Risk Factors

Infections can happen to everyone, however some sensitive groups can be more affected. Factors may include:

Risk Factor Description
Age Older individuals are more susceptible due to reduced blood circulation, slower nail growth, and more years of exposure to fungi.
Heavy sweating A humid environment around your feet can foster fungal growth.
History of athlete’s foot Infections can spread from the skin to the nails.
Walking barefoot in damp communal areas Places like swimming pools, gyms, and shower rooms are breeding grounds for fungi.
Minor skin injuries Cuts or abrasions can make it easier for fungal infections to take root.
Poor circulation Conditions like diabetes can reduce blood flow to the feet, increasing susceptibility to infections.
Weak immune system People with compromised immune systems, from medications or conditions like HIV, are more at risk.
Living with someone with a fungal infection Fungi can spread from person to person within a household.

Health Issues Caused by Fungal Nail Infections:

While primarily affecting the nails’ appearance, if left untreated, fungal infections can lead to more serious health issues, particularly for individuals with diabetes or weakened immune systems:

  1. Pain and discomfort: As it thickens and deforms, it can make walking, standing, or wearing shoes painful.
  2. Spread of infection: The infection can spread beyond the nail to the skin, causing athlete’s foot, or to other parts of the body, like the groin or scalp.
  3. Secondary bacterial infections: Cracks or cuts in the skin caused by fungal infections can allow bacteria to enter, leading to further complications.
  4. Foot ulcers: People with diabetes might develop foot ulcers from minor foot injuries due to altered sensation.
  5. Impaired mobility: Severe infections can lead to difficulty walking or operating normal daily activities, impacting quality of life.

Prevention Techniques

Nail Fungal Infection - Prevention Techniques

Preventing fungal infections begins with maintaining good foot hygiene. This means washing your feet regularly with soap and water and thoroughly drying them afterward, especially between the toes where moisture can accumulate. Using antifungal powders or sprays on your feet and inside your shoes can help reduce moisture and prevent the growth of fungi.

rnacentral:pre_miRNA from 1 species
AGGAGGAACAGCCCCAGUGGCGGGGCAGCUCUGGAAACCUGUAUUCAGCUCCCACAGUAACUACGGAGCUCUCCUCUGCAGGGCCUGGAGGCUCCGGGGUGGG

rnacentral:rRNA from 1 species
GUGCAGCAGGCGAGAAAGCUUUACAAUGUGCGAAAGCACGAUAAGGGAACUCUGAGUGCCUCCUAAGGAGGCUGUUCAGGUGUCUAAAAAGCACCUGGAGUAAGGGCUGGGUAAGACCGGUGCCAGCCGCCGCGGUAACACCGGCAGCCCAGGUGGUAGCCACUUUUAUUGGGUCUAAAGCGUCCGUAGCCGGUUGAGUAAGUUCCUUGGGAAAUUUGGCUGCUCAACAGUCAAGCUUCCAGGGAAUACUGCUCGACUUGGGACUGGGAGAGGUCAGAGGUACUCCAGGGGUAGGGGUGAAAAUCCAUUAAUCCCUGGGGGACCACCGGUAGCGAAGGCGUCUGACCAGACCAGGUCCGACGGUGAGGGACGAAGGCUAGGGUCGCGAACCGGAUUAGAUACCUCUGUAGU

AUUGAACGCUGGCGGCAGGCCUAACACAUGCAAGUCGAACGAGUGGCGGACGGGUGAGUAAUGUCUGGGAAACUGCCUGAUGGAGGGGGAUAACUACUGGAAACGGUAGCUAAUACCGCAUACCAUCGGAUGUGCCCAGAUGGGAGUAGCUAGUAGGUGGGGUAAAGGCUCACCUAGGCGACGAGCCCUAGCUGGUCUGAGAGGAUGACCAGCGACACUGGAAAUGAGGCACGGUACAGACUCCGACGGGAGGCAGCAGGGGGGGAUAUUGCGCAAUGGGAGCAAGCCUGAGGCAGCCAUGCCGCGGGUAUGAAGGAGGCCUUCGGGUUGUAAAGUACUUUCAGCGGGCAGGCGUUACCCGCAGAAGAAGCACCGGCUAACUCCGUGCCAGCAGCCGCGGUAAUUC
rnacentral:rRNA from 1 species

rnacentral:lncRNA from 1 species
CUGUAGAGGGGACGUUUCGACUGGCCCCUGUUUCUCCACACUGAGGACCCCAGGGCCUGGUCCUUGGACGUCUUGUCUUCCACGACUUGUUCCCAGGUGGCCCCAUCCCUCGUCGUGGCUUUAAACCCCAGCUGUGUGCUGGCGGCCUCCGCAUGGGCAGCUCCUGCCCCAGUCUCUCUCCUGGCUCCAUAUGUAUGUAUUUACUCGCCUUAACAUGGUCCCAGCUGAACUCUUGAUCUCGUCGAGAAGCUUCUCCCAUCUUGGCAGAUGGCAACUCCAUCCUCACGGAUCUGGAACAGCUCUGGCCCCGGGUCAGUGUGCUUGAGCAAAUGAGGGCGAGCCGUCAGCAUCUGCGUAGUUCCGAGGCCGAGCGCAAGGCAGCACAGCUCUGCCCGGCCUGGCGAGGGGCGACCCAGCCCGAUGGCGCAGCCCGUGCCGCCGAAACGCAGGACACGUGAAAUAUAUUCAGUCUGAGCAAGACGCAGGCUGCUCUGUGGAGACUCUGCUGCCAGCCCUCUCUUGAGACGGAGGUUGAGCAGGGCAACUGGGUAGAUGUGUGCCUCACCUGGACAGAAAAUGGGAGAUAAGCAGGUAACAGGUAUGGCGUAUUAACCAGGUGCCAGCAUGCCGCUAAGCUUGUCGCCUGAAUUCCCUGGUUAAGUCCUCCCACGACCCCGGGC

Wearing breathable footwear is also crucial in preventing fungal infections. Shoes made of materials that allow air to circulate can help keep your feet dry. If you tend to sweat a lot, changing your socks twice a day can also be beneficial.

Keeping your nails trimmed is another key preventive measure. They should be cut straight across and filed down thickened areas. Avoid cutting them too short or rounding the corners to prevent ingrown toenails, which can increase the risk of fungal infections.

When visiting salons, ensure they properly sterilize their instruments to avoid the transmission of fungal infections during manicures or pedicures. By adopting these practices, you can significantly lower your chances of developing fungal infections.

Treatment Options

Treatment for fungal infections varies depending on the severity and type of the infection. Here are some common approaches:

Topical Treatments

These are applied directly to the infected nail and surrounding skin. Over-the-counter antifungal creams and ointments are available, but prescription topical treatments are generally more effective. They require diligent application over a period, often several months, as they grow out.

Oral Antifungal Medications

For more severe or persistent cases, doctors may prescribe oral antifungal drugs. These medications can help a new nail grow free of infection, slowly replacing the infected part. They are usually taken for 6 to 12 weeks but it can take four months or longer to eliminate an infection.